The fundamentals of hitting a baseball are the batter’s grip, loading the swing, keeping the head still, keeping eyes on the ball, driving hips forward, keeping the back elbow bent on contact with the ball, and the follow-through of the swing.
Soft toss is a foundational training activity that can help athletes improve their swing. “It’s good for your time. It’s good for bat speed and it’s also good for getting your hips around and really extending and getting that power into every time you swing on the ball,” Pezzelle says.
The Mental Side of Hitting is easily the most important aspect in the game of baseball for two main reasons. 90% of hitting is how you feel when walking up to the plate. There are two players in every hitter.
Having good mechanics obviously helps a hitter be successful! Having a good controlled load and stride. Then getting to a good launch position where they have hand and hip separation and good torso tilt will set them up to be able to unleash with increased bat speed!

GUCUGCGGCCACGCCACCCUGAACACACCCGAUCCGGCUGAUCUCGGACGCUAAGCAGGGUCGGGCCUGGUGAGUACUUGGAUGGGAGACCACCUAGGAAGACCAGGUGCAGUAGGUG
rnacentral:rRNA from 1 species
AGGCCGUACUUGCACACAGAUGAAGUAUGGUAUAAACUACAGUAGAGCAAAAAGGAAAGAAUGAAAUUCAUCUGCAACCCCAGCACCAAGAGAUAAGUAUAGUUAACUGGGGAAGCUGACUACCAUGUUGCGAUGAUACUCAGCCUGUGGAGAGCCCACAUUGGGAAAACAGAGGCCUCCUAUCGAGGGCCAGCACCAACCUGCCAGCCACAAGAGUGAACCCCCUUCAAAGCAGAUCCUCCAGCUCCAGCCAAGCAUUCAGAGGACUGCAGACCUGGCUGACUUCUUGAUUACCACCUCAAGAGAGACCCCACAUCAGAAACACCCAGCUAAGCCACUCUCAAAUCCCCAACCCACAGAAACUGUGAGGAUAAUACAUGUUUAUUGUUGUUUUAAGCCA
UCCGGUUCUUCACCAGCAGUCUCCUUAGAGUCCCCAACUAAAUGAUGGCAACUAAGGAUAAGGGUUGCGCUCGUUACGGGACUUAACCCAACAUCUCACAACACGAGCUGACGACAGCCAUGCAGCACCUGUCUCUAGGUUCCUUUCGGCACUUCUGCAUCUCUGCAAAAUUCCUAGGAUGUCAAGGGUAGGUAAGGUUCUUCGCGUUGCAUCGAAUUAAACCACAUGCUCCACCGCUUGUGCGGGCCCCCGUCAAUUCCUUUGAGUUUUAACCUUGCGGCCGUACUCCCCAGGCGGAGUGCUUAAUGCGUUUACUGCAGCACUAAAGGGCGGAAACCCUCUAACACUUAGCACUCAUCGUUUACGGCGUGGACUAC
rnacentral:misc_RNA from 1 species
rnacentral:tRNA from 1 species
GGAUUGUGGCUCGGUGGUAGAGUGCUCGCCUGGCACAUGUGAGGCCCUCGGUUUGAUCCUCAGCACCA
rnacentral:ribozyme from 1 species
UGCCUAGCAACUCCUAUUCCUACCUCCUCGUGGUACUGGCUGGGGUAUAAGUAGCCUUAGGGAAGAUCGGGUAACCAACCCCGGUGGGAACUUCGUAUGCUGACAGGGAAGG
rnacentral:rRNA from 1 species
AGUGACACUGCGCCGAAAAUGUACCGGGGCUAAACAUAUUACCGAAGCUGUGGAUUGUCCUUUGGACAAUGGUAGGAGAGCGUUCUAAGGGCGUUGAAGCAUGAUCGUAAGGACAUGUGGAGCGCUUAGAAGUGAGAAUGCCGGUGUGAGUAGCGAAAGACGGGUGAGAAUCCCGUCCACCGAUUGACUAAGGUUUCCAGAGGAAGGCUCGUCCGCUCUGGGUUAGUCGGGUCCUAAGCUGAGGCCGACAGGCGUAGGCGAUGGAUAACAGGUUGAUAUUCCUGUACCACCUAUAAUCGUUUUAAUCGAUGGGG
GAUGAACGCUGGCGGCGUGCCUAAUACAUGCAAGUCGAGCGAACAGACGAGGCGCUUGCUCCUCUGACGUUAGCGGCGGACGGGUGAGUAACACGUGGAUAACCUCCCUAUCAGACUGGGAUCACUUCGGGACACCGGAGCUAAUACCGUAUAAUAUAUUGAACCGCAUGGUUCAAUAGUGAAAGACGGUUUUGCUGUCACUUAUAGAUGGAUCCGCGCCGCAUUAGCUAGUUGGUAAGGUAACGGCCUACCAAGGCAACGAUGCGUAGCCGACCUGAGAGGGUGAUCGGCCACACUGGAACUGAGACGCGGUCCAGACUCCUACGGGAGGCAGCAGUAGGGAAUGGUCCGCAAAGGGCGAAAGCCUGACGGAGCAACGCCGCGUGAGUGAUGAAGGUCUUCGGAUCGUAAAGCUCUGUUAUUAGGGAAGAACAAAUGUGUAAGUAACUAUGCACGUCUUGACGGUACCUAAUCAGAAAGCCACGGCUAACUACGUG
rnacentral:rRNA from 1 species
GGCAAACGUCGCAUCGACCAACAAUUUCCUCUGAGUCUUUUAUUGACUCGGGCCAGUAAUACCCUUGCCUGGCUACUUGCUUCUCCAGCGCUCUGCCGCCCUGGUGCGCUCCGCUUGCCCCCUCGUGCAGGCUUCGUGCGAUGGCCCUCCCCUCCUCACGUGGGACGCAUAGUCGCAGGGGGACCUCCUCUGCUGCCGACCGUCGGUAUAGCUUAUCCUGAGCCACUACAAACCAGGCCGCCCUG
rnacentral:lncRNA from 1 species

The swing starts from the ground up and your legs start the power that creates torque to hit the long ball. The core controls your whole body. The stronger your core is the stronger you are.
At ages 7 to 9, fine motor skill development has progressed to the point that most kids possess the ability to learn to catch and hit a pitched ball.
It is one of the most complex fundamental movement skills and is fine-tuned over time with continued practice, exploration, and encouragement. Children typically begin to explore this movement between the ages of 2-3, and they often learn to strike using both hands before they can strike with one.
By age 7 or 8, young baseball players have a bit more coordination, and coaches can start to go beyond the basics of how to catch, throw, field, hit and run the bases. Game-like situations help young players think on their feet, and to communicate and collaborate with each other. Baseball is a team sport, after all.